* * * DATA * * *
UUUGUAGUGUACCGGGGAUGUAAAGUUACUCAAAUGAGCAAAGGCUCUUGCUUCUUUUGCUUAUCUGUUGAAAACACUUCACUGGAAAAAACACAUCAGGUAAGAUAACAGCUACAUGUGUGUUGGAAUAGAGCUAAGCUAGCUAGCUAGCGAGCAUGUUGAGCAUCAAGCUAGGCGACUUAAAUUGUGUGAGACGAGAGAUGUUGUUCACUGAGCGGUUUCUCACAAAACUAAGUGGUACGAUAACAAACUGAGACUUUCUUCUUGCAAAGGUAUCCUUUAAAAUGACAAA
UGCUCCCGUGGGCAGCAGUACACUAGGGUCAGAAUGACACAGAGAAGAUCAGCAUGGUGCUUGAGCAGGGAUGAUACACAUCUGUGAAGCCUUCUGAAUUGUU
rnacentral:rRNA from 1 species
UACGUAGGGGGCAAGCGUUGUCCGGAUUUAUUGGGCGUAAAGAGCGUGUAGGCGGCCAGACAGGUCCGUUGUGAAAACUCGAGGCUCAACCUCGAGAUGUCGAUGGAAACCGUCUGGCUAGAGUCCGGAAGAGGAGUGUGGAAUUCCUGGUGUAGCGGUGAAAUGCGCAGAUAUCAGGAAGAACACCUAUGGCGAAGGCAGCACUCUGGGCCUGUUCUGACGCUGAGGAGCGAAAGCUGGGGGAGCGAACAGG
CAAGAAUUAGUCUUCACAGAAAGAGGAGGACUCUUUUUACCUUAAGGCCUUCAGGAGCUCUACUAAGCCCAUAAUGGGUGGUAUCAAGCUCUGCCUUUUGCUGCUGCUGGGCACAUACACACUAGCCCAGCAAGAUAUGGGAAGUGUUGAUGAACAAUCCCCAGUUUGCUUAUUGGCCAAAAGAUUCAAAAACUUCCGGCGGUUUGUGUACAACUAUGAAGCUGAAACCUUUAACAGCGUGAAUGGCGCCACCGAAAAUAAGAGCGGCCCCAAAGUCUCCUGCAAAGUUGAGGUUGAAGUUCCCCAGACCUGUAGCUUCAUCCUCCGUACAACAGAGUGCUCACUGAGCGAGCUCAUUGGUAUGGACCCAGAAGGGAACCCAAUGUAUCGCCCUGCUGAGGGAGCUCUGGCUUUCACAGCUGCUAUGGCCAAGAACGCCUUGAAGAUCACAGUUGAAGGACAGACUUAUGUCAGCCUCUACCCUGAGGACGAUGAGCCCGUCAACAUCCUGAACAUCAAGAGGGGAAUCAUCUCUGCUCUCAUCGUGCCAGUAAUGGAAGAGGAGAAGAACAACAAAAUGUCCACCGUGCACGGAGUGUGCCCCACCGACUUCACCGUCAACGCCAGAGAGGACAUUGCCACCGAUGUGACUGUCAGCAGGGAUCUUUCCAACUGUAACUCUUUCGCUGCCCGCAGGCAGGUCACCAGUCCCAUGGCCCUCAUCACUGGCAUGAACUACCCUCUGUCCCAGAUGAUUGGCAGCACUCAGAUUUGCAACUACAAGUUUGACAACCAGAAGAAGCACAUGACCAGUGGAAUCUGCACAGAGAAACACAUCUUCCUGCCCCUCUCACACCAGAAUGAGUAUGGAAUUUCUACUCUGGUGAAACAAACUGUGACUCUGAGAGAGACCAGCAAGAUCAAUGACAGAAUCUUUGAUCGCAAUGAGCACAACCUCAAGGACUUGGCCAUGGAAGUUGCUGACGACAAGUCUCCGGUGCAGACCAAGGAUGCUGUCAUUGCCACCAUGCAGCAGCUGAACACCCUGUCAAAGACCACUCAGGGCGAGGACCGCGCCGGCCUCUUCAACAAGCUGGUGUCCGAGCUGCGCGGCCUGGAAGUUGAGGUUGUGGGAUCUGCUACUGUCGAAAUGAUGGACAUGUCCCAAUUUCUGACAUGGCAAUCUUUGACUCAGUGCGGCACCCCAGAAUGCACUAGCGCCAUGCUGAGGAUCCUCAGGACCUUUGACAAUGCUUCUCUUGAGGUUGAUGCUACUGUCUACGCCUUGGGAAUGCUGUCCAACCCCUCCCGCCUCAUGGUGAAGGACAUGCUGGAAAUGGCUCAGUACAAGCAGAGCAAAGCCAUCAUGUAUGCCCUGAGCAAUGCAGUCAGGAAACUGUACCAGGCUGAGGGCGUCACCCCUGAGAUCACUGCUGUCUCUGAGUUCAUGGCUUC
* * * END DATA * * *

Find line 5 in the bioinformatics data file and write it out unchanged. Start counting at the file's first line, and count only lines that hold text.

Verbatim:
CAAGAAUUAGUCUUCACAGAAAGAGGAGGACUCUUUUUACCUUAAGGCCUUCAGGAGCUCUACUAAGCCCAUAAUGGGUGGUAUCAAGCUCUGCCUUUUGCUGCUGCUGGGCACAUACACACUAGCCCAGCAAGAUAUGGGAAGUGUUGAUGAACAAUCCCCAGUUUGCUUAUUGGCCAAAAGAUUCAAAAACUUCCGGCGGUUUGUGUACAACUAUGAAGCUGAAACCUUUAACAGCGUGAAUGGCGCCACCGAAAAUAAGAGCGGCCCCAAAGUCUCCUGCAAAGUUGAGGUUGAAGUUCCCCAGACCUGUAGCUUCAUCCUCCGUACAACAGAGUGCUCACUGAGCGAGCUCAUUGGUAUGGACCCAGAAGGGAACCCAAUGUAUCGCCCUGCUGAGGGAGCUCUGGCUUUCACAGCUGCUAUGGCCAAGAACGCCUUGAAGAUCACAGUUGAAGGACAGACUUAUGUCAGCCUCUACCCUGAGGACGAUGAGCCCGUCAACAUCCUGAACAUCAAGAGGGGAAUCAUCUCUGCUCUCAUCGUGCCAGUAAUGGAAGAGGAGAAGAACAACAAAAUGUCCACCGUGCACGGAGUGUGCCCCACCGACUUCACCGUCAACGCCAGAGAGGACAUUGCCACCGAUGUGACUGUCAGCAGGGAUCUUUCCAACUGUAACUCUUUCGCUGCCCGCAGGCAGGUCACCAGUCCCAUGGCCCUCAUCACUGGCAUGAACUACCCUCUGUCCCAGAUGAUUGGCAGCACUCAGAUUUGCAACUACAAGUUUGACAACCAGAAGAAGCACAUGACCAGUGGAAUCUGCACAGAGAAACACAUCUUCCUGCCCCUCUCACACCAGAAUGAGUAUGGAAUUUCUACUCUGGUGAAACAAACUGUGACUCUGAGAGAGACCAGCAAGAUCAAUGACAGAAUCUUUGAUCGCAAUGAGCACAACCUCAAGGACUUGGCCAUGGAAGUUGCUGACGACAAGUCUCCGGUGCAGACCAAGGAUGCUGUCAUUGCCACCAUGCAGCAGCUGAACACCCUGUCAAAGACCACUCAGGGCGAGGACCGCGCCGGCCUCUUCAACAAGCUGGUGUCCGAGCUGCGCGGCCUGGAAGUUGAGGUUGUGGGAUCUGCUACUGUCGAAAUGAUGGACAUGUCCCAAUUUCUGACAUGGCAAUCUUUGACUCAGUGCGGCACCCCAGAAUGCACUAGCGCCAUGCUGAGGAUCCUCAGGACCUUUGACAAUGCUUCUCUUGAGGUUGAUGCUACUGUCUACGCCUUGGGAAUGCUGUCCAACCCCUCCCGCCUCAUGGUGAAGGACAUGCUGGAAAUGGCUCAGUACAAGCAGAGCAAAGCCAUCAUGUAUGCCCUGAGCAAUGCAGUCAGGAAACUGUACCAGGCUGAGGGCGUCACCCCUGAGAUCACUGCUGUCUCUGAGUUCAUGGCUUC